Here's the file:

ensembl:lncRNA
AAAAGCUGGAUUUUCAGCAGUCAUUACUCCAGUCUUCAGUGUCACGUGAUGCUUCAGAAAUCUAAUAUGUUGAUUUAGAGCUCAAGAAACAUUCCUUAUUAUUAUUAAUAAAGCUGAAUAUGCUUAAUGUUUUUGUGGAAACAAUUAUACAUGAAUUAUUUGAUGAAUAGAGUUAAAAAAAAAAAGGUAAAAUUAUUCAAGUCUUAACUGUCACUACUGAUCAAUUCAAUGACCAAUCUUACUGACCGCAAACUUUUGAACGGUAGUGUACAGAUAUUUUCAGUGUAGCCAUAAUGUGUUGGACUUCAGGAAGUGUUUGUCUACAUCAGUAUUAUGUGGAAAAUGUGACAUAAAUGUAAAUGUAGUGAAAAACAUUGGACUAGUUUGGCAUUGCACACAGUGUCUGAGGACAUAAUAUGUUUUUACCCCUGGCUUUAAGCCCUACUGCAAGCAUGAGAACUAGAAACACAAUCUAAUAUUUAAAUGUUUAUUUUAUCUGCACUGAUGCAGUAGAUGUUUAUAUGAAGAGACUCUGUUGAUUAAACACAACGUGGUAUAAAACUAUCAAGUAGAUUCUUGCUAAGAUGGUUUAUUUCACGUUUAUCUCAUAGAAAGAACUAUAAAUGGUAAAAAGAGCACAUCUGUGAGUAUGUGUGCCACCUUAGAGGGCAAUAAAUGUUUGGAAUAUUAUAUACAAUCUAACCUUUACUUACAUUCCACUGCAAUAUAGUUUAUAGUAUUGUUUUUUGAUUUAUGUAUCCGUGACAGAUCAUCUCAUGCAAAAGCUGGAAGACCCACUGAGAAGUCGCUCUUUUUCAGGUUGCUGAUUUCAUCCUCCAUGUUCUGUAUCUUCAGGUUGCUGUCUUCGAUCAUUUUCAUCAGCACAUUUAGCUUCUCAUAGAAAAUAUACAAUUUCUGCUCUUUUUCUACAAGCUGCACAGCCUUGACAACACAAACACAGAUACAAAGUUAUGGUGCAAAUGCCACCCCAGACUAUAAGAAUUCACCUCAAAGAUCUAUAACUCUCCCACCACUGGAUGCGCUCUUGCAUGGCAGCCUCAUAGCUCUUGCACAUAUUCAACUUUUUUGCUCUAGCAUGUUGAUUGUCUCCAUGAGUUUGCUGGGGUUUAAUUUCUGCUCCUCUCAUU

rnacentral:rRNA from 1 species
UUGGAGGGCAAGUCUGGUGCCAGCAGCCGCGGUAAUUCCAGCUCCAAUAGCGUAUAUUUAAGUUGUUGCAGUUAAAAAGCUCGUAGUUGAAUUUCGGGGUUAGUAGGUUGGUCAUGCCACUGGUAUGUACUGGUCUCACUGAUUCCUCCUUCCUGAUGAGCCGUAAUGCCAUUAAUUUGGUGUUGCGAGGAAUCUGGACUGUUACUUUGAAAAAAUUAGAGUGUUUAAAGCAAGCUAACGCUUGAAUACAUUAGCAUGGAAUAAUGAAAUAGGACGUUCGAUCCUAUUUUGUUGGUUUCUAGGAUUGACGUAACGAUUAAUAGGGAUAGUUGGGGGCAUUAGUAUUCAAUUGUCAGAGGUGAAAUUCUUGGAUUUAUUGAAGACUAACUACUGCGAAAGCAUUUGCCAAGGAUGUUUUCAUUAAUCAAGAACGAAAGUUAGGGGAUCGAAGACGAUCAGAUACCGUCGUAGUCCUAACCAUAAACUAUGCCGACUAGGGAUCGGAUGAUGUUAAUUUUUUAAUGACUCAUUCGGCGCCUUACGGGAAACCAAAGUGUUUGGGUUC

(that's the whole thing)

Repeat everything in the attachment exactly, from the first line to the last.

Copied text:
ensembl:lncRNA
AAAAGCUGGAUUUUCAGCAGUCAUUACUCCAGUCUUCAGUGUCACGUGAUGCUUCAGAAAUCUAAUAUGUUGAUUUAGAGCUCAAGAAACAUUCCUUAUUAUUAUUAAUAAAGCUGAAUAUGCUUAAUGUUUUUGUGGAAACAAUUAUACAUGAAUUAUUUGAUGAAUAGAGUUAAAAAAAAAAAGGUAAAAUUAUUCAAGUCUUAACUGUCACUACUGAUCAAUUCAAUGACCAAUCUUACUGACCGCAAACUUUUGAACGGUAGUGUACAGAUAUUUUCAGUGUAGCCAUAAUGUGUUGGACUUCAGGAAGUGUUUGUCUACAUCAGUAUUAUGUGGAAAAUGUGACAUAAAUGUAAAUGUAGUGAAAAACAUUGGACUAGUUUGGCAUUGCACACAGUGUCUGAGGACAUAAUAUGUUUUUACCCCUGGCUUUAAGCCCUACUGCAAGCAUGAGAACUAGAAACACAAUCUAAUAUUUAAAUGUUUAUUUUAUCUGCACUGAUGCAGUAGAUGUUUAUAUGAAGAGACUCUGUUGAUUAAACACAACGUGGUAUAAAACUAUCAAGUAGAUUCUUGCUAAGAUGGUUUAUUUCACGUUUAUCUCAUAGAAAGAACUAUAAAUGGUAAAAAGAGCACAUCUGUGAGUAUGUGUGCCACCUUAGAGGGCAAUAAAUGUUUGGAAUAUUAUAUACAAUCUAACCUUUACUUACAUUCCACUGCAAUAUAGUUUAUAGUAUUGUUUUUUGAUUUAUGUAUCCGUGACAGAUCAUCUCAUGCAAAAGCUGGAAGACCCACUGAGAAGUCGCUCUUUUUCAGGUUGCUGAUUUCAUCCUCCAUGUUCUGUAUCUUCAGGUUGCUGUCUUCGAUCAUUUUCAUCAGCACAUUUAGCUUCUCAUAGAAAAUAUACAAUUUCUGCUCUUUUUCUACAAGCUGCACAGCCUUGACAACACAAACACAGAUACAAAGUUAUGGUGCAAAUGCCACCCCAGACUAUAAGAAUUCACCUCAAAGAUCUAUAACUCUCCCACCACUGGAUGCGCUCUUGCAUGGCAGCCUCAUAGCUCUUGCACAUAUUCAACUUUUUUGCUCUAGCAUGUUGAUUGUCUCCAUGAGUUUGCUGGGGUUUAAUUUCUGCUCCUCUCAUU

rnacentral:rRNA from 1 species
UUGGAGGGCAAGUCUGGUGCCAGCAGCCGCGGUAAUUCCAGCUCCAAUAGCGUAUAUUUAAGUUGUUGCAGUUAAAAAGCUCGUAGUUGAAUUUCGGGGUUAGUAGGUUGGUCAUGCCACUGGUAUGUACUGGUCUCACUGAUUCCUCCUUCCUGAUGAGCCGUAAUGCCAUUAAUUUGGUGUUGCGAGGAAUCUGGACUGUUACUUUGAAAAAAUUAGAGUGUUUAAAGCAAGCUAACGCUUGAAUACAUUAGCAUGGAAUAAUGAAAUAGGACGUUCGAUCCUAUUUUGUUGGUUUCUAGGAUUGACGUAACGAUUAAUAGGGAUAGUUGGGGGCAUUAGUAUUCAAUUGUCAGAGGUGAAAUUCUUGGAUUUAUUGAAGACUAACUACUGCGAAAGCAUUUGCCAAGGAUGUUUUCAUUAAUCAAGAACGAAAGUUAGGGGAUCGAAGACGAUCAGAUACCGUCGUAGUCCUAACCAUAAACUAUGCCGACUAGGGAUCGGAUGAUGUUAAUUUUUUAAUGACUCAUUCGGCGCCUUACGGGAAACCAAAGUGUUUGGGUUC